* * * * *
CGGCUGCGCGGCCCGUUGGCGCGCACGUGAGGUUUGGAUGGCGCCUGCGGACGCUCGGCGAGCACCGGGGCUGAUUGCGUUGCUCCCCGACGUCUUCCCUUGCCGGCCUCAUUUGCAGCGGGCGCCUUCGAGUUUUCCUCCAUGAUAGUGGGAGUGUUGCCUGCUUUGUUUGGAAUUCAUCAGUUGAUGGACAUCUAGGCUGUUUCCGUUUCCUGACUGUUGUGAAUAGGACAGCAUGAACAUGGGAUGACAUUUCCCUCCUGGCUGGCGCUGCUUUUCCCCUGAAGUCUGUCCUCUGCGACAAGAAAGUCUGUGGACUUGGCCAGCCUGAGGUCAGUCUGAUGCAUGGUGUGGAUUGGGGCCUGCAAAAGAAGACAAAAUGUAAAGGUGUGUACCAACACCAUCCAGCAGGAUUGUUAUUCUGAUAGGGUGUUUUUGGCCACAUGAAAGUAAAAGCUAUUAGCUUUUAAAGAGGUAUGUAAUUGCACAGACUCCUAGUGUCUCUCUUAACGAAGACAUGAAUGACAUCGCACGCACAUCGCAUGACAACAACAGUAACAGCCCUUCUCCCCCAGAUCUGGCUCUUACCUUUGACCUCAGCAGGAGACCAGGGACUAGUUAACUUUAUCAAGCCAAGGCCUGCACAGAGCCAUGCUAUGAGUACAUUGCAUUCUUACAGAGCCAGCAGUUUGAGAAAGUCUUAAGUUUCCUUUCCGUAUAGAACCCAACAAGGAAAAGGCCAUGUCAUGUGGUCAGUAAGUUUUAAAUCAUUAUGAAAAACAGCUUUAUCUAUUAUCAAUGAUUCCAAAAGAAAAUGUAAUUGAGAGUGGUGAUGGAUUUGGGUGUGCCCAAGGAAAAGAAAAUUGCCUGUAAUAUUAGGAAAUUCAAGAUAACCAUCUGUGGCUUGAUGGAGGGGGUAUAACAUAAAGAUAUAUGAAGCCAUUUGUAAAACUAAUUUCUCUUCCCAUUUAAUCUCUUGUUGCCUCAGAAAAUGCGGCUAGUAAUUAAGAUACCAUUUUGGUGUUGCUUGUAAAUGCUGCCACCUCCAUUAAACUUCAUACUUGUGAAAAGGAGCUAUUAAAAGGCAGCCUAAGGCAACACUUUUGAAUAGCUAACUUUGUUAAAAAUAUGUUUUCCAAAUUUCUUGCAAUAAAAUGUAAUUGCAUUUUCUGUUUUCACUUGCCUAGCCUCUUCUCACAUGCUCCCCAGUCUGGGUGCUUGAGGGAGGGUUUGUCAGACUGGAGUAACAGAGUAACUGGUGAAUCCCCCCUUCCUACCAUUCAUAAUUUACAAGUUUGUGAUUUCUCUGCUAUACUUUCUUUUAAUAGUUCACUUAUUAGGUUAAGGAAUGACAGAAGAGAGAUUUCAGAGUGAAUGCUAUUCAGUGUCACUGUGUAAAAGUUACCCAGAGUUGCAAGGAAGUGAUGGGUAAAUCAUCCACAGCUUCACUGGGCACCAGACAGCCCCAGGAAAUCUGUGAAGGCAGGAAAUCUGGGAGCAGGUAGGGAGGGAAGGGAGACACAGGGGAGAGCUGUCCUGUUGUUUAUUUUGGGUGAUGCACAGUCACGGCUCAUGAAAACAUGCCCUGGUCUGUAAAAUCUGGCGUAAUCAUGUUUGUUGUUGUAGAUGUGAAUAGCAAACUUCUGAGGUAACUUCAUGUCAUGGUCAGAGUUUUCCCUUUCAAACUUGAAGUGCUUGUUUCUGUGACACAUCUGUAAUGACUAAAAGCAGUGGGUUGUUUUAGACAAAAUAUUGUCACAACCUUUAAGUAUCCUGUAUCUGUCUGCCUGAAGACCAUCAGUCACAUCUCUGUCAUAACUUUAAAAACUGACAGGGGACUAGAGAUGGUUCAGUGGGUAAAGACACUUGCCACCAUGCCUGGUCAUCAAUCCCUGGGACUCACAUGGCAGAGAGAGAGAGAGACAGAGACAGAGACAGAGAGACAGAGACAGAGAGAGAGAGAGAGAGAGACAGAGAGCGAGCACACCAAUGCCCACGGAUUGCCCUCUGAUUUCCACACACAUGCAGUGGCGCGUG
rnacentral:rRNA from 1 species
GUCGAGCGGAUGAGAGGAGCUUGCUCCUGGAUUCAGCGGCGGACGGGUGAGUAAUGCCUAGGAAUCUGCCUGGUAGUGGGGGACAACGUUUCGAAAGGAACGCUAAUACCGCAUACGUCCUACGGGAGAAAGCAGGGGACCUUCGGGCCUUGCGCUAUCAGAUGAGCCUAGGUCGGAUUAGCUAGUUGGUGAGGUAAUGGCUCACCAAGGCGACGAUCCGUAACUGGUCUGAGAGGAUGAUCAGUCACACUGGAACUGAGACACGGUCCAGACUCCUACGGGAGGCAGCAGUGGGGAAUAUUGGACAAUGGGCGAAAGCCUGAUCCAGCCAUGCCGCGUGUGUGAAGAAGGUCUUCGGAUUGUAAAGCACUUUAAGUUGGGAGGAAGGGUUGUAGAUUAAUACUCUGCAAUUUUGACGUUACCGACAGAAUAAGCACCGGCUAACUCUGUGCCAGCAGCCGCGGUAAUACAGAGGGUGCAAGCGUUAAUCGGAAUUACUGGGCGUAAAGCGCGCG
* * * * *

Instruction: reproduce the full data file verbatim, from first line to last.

CGGCUGCGCGGCCCGUUGGCGCGCACGUGAGGUUUGGAUGGCGCCUGCGGACGCUCGGCGAGCACCGGGGCUGAUUGCGUUGCUCCCCGACGUCUUCCCUUGCCGGCCUCAUUUGCAGCGGGCGCCUUCGAGUUUUCCUCCAUGAUAGUGGGAGUGUUGCCUGCUUUGUUUGGAAUUCAUCAGUUGAUGGACAUCUAGGCUGUUUCCGUUUCCUGACUGUUGUGAAUAGGACAGCAUGAACAUGGGAUGACAUUUCCCUCCUGGCUGGCGCUGCUUUUCCCCUGAAGUCUGUCCUCUGCGACAAGAAAGUCUGUGGACUUGGCCAGCCUGAGGUCAGUCUGAUGCAUGGUGUGGAUUGGGGCCUGCAAAAGAAGACAAAAUGUAAAGGUGUGUACCAACACCAUCCAGCAGGAUUGUUAUUCUGAUAGGGUGUUUUUGGCCACAUGAAAGUAAAAGCUAUUAGCUUUUAAAGAGGUAUGUAAUUGCACAGACUCCUAGUGUCUCUCUUAACGAAGACAUGAAUGACAUCGCACGCACAUCGCAUGACAACAACAGUAACAGCCCUUCUCCCCCAGAUCUGGCUCUUACCUUUGACCUCAGCAGGAGACCAGGGACUAGUUAACUUUAUCAAGCCAAGGCCUGCACAGAGCCAUGCUAUGAGUACAUUGCAUUCUUACAGAGCCAGCAGUUUGAGAAAGUCUUAAGUUUCCUUUCCGUAUAGAACCCAACAAGGAAAAGGCCAUGUCAUGUGGUCAGUAAGUUUUAAAUCAUUAUGAAAAACAGCUUUAUCUAUUAUCAAUGAUUCCAAAAGAAAAUGUAAUUGAGAGUGGUGAUGGAUUUGGGUGUGCCCAAGGAAAAGAAAAUUGCCUGUAAUAUUAGGAAAUUCAAGAUAACCAUCUGUGGCUUGAUGGAGGGGGUAUAACAUAAAGAUAUAUGAAGCCAUUUGUAAAACUAAUUUCUCUUCCCAUUUAAUCUCUUGUUGCCUCAGAAAAUGCGGCUAGUAAUUAAGAUACCAUUUUGGUGUUGCUUGUAAAUGCUGCCACCUCCAUUAAACUUCAUACUUGUGAAAAGGAGCUAUUAAAAGGCAGCCUAAGGCAACACUUUUGAAUAGCUAACUUUGUUAAAAAUAUGUUUUCCAAAUUUCUUGCAAUAAAAUGUAAUUGCAUUUUCUGUUUUCACUUGCCUAGCCUCUUCUCACAUGCUCCCCAGUCUGGGUGCUUGAGGGAGGGUUUGUCAGACUGGAGUAACAGAGUAACUGGUGAAUCCCCCCUUCCUACCAUUCAUAAUUUACAAGUUUGUGAUUUCUCUGCUAUACUUUCUUUUAAUAGUUCACUUAUUAGGUUAAGGAAUGACAGAAGAGAGAUUUCAGAGUGAAUGCUAUUCAGUGUCACUGUGUAAAAGUUACCCAGAGUUGCAAGGAAGUGAUGGGUAAAUCAUCCACAGCUUCACUGGGCACCAGACAGCCCCAGGAAAUCUGUGAAGGCAGGAAAUCUGGGAGCAGGUAGGGAGGGAAGGGAGACACAGGGGAGAGCUGUCCUGUUGUUUAUUUUGGGUGAUGCACAGUCACGGCUCAUGAAAACAUGCCCUGGUCUGUAAAAUCUGGCGUAAUCAUGUUUGUUGUUGUAGAUGUGAAUAGCAAACUUCUGAGGUAACUUCAUGUCAUGGUCAGAGUUUUCCCUUUCAAACUUGAAGUGCUUGUUUCUGUGACACAUCUGUAAUGACUAAAAGCAGUGGGUUGUUUUAGACAAAAUAUUGUCACAACCUUUAAGUAUCCUGUAUCUGUCUGCCUGAAGACCAUCAGUCACAUCUCUGUCAUAACUUUAAAAACUGACAGGGGACUAGAGAUGGUUCAGUGGGUAAAGACACUUGCCACCAUGCCUGGUCAUCAAUCCCUGGGACUCACAUGGCAGAGAGAGAGAGAGACAGAGACAGAGACAGAGAGACAGAGACAGAGAGAGAGAGAGAGAGAGACAGAGAGCGAGCACACCAAUGCCCACGGAUUGCCCUCUGAUUUCCACACACAUGCAGUGGCGCGUG
rnacentral:rRNA from 1 species
GUCGAGCGGAUGAGAGGAGCUUGCUCCUGGAUUCAGCGGCGGACGGGUGAGUAAUGCCUAGGAAUCUGCCUGGUAGUGGGGGACAACGUUUCGAAAGGAACGCUAAUACCGCAUACGUCCUACGGGAGAAAGCAGGGGACCUUCGGGCCUUGCGCUAUCAGAUGAGCCUAGGUCGGAUUAGCUAGUUGGUGAGGUAAUGGCUCACCAAGGCGACGAUCCGUAACUGGUCUGAGAGGAUGAUCAGUCACACUGGAACUGAGACACGGUCCAGACUCCUACGGGAGGCAGCAGUGGGGAAUAUUGGACAAUGGGCGAAAGCCUGAUCCAGCCAUGCCGCGUGUGUGAAGAAGGUCUUCGGAUUGUAAAGCACUUUAAGUUGGGAGGAAGGGUUGUAGAUUAAUACUCUGCAAUUUUGACGUUACCGACAGAAUAAGCACCGGCUAACUCUGUGCCAGCAGCCGCGGUAAUACAGAGGGUGCAAGCGUUAAUCGGAAUUACUGGGCGUAAAGCGCGCG